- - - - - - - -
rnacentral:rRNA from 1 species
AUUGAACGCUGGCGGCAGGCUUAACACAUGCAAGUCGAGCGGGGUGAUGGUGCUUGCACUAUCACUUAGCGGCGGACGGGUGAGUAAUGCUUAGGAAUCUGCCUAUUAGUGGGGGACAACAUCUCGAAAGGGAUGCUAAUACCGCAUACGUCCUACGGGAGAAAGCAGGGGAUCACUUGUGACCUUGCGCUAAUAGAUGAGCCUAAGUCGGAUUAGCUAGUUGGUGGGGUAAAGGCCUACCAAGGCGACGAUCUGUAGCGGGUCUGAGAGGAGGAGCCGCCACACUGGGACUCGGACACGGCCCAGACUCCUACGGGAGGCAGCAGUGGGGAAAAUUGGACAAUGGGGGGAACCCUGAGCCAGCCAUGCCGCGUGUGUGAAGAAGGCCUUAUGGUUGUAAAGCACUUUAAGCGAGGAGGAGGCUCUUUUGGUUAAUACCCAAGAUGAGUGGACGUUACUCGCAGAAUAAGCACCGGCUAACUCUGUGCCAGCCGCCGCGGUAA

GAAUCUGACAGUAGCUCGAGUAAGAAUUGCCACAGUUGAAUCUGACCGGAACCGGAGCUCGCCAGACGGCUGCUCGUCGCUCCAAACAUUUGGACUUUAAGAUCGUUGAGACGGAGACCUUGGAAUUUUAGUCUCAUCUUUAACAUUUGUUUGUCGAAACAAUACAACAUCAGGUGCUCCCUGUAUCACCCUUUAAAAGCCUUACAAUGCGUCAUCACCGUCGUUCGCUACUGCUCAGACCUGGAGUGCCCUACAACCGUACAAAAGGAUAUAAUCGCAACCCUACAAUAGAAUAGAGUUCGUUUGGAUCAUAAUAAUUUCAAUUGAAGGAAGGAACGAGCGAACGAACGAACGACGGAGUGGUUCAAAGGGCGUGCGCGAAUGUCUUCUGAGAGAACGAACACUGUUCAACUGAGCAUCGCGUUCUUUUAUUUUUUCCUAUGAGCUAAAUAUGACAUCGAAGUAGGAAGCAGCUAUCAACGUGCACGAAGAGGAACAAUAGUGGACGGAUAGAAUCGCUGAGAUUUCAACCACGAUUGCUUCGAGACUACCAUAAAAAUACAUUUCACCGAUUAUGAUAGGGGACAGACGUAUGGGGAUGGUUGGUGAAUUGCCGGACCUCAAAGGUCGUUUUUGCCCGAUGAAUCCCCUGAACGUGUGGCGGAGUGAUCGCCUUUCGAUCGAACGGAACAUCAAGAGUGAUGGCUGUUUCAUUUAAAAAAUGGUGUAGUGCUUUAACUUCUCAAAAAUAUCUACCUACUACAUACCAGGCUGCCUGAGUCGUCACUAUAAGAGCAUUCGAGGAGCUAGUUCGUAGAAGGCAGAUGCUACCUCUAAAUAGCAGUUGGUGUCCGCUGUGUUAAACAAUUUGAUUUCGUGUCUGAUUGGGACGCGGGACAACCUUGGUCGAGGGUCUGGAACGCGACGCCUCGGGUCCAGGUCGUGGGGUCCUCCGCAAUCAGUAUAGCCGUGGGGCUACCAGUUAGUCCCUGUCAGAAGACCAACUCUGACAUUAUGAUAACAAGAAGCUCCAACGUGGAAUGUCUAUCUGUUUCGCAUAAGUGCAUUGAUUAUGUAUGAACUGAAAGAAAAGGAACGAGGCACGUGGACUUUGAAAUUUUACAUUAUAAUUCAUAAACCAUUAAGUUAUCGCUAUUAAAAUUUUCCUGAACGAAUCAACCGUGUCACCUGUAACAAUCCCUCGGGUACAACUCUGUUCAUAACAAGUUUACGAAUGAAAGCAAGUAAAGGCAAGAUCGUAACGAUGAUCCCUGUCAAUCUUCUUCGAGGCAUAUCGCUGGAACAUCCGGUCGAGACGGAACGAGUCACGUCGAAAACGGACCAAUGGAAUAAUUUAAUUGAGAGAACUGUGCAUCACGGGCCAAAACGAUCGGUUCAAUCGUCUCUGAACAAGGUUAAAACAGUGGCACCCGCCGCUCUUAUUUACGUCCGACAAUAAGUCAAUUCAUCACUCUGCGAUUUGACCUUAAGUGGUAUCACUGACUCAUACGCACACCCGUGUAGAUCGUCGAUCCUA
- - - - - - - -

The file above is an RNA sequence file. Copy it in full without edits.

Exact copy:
rnacentral:rRNA from 1 species
AUUGAACGCUGGCGGCAGGCUUAACACAUGCAAGUCGAGCGGGGUGAUGGUGCUUGCACUAUCACUUAGCGGCGGACGGGUGAGUAAUGCUUAGGAAUCUGCCUAUUAGUGGGGGACAACAUCUCGAAAGGGAUGCUAAUACCGCAUACGUCCUACGGGAGAAAGCAGGGGAUCACUUGUGACCUUGCGCUAAUAGAUGAGCCUAAGUCGGAUUAGCUAGUUGGUGGGGUAAAGGCCUACCAAGGCGACGAUCUGUAGCGGGUCUGAGAGGAGGAGCCGCCACACUGGGACUCGGACACGGCCCAGACUCCUACGGGAGGCAGCAGUGGGGAAAAUUGGACAAUGGGGGGAACCCUGAGCCAGCCAUGCCGCGUGUGUGAAGAAGGCCUUAUGGUUGUAAAGCACUUUAAGCGAGGAGGAGGCUCUUUUGGUUAAUACCCAAGAUGAGUGGACGUUACUCGCAGAAUAAGCACCGGCUAACUCUGUGCCAGCCGCCGCGGUAA

GAAUCUGACAGUAGCUCGAGUAAGAAUUGCCACAGUUGAAUCUGACCGGAACCGGAGCUCGCCAGACGGCUGCUCGUCGCUCCAAACAUUUGGACUUUAAGAUCGUUGAGACGGAGACCUUGGAAUUUUAGUCUCAUCUUUAACAUUUGUUUGUCGAAACAAUACAACAUCAGGUGCUCCCUGUAUCACCCUUUAAAAGCCUUACAAUGCGUCAUCACCGUCGUUCGCUACUGCUCAGACCUGGAGUGCCCUACAACCGUACAAAAGGAUAUAAUCGCAACCCUACAAUAGAAUAGAGUUCGUUUGGAUCAUAAUAAUUUCAAUUGAAGGAAGGAACGAGCGAACGAACGAACGACGGAGUGGUUCAAAGGGCGUGCGCGAAUGUCUUCUGAGAGAACGAACACUGUUCAACUGAGCAUCGCGUUCUUUUAUUUUUUCCUAUGAGCUAAAUAUGACAUCGAAGUAGGAAGCAGCUAUCAACGUGCACGAAGAGGAACAAUAGUGGACGGAUAGAAUCGCUGAGAUUUCAACCACGAUUGCUUCGAGACUACCAUAAAAAUACAUUUCACCGAUUAUGAUAGGGGACAGACGUAUGGGGAUGGUUGGUGAAUUGCCGGACCUCAAAGGUCGUUUUUGCCCGAUGAAUCCCCUGAACGUGUGGCGGAGUGAUCGCCUUUCGAUCGAACGGAACAUCAAGAGUGAUGGCUGUUUCAUUUAAAAAAUGGUGUAGUGCUUUAACUUCUCAAAAAUAUCUACCUACUACAUACCAGGCUGCCUGAGUCGUCACUAUAAGAGCAUUCGAGGAGCUAGUUCGUAGAAGGCAGAUGCUACCUCUAAAUAGCAGUUGGUGUCCGCUGUGUUAAACAAUUUGAUUUCGUGUCUGAUUGGGACGCGGGACAACCUUGGUCGAGGGUCUGGAACGCGACGCCUCGGGUCCAGGUCGUGGGGUCCUCCGCAAUCAGUAUAGCCGUGGGGCUACCAGUUAGUCCCUGUCAGAAGACCAACUCUGACAUUAUGAUAACAAGAAGCUCCAACGUGGAAUGUCUAUCUGUUUCGCAUAAGUGCAUUGAUUAUGUAUGAACUGAAAGAAAAGGAACGAGGCACGUGGACUUUGAAAUUUUACAUUAUAAUUCAUAAACCAUUAAGUUAUCGCUAUUAAAAUUUUCCUGAACGAAUCAACCGUGUCACCUGUAACAAUCCCUCGGGUACAACUCUGUUCAUAACAAGUUUACGAAUGAAAGCAAGUAAAGGCAAGAUCGUAACGAUGAUCCCUGUCAAUCUUCUUCGAGGCAUAUCGCUGGAACAUCCGGUCGAGACGGAACGAGUCACGUCGAAAACGGACCAAUGGAAUAAUUUAAUUGAGAGAACUGUGCAUCACGGGCCAAAACGAUCGGUUCAAUCGUCUCUGAACAAGGUUAAAACAGUGGCACCCGCCGCUCUUAUUUACGUCCGACAAUAAGUCAAUUCAUCACUCUGCGAUUUGACCUUAAGUGGUAUCACUGACUCAUACGCACACCCGUGUAGAUCGUCGAUCCUA